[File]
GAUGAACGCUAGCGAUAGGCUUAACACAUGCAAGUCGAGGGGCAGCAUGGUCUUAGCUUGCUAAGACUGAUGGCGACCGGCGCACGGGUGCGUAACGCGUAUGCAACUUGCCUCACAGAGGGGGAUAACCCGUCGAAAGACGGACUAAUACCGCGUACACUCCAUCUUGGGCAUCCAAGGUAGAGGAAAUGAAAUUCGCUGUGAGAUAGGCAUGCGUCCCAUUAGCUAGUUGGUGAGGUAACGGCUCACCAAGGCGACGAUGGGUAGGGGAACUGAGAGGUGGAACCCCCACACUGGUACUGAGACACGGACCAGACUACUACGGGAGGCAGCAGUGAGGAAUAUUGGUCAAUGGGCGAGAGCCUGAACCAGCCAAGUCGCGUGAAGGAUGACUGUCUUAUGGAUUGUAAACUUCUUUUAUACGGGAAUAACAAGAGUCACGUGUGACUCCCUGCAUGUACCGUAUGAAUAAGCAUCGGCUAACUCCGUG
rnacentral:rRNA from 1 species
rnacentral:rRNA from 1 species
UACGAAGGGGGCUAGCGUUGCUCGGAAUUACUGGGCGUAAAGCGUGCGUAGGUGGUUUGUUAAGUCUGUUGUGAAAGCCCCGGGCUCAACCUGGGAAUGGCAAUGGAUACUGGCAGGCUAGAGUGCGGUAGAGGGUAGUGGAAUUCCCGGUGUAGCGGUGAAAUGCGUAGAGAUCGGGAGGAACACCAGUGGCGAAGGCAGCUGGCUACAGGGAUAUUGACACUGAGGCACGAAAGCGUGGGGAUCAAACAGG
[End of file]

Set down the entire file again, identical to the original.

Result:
GAUGAACGCUAGCGAUAGGCUUAACACAUGCAAGUCGAGGGGCAGCAUGGUCUUAGCUUGCUAAGACUGAUGGCGACCGGCGCACGGGUGCGUAACGCGUAUGCAACUUGCCUCACAGAGGGGGAUAACCCGUCGAAAGACGGACUAAUACCGCGUACACUCCAUCUUGGGCAUCCAAGGUAGAGGAAAUGAAAUUCGCUGUGAGAUAGGCAUGCGUCCCAUUAGCUAGUUGGUGAGGUAACGGCUCACCAAGGCGACGAUGGGUAGGGGAACUGAGAGGUGGAACCCCCACACUGGUACUGAGACACGGACCAGACUACUACGGGAGGCAGCAGUGAGGAAUAUUGGUCAAUGGGCGAGAGCCUGAACCAGCCAAGUCGCGUGAAGGAUGACUGUCUUAUGGAUUGUAAACUUCUUUUAUACGGGAAUAACAAGAGUCACGUGUGACUCCCUGCAUGUACCGUAUGAAUAAGCAUCGGCUAACUCCGUG
rnacentral:rRNA from 1 species
rnacentral:rRNA from 1 species
UACGAAGGGGGCUAGCGUUGCUCGGAAUUACUGGGCGUAAAGCGUGCGUAGGUGGUUUGUUAAGUCUGUUGUGAAAGCCCCGGGCUCAACCUGGGAAUGGCAAUGGAUACUGGCAGGCUAGAGUGCGGUAGAGGGUAGUGGAAUUCCCGGUGUAGCGGUGAAAUGCGUAGAGAUCGGGAGGAACACCAGUGGCGAAGGCAGCUGGCUACAGGGAUAUUGACACUGAGGCACGAAAGCGUGGGGAUCAAACAGG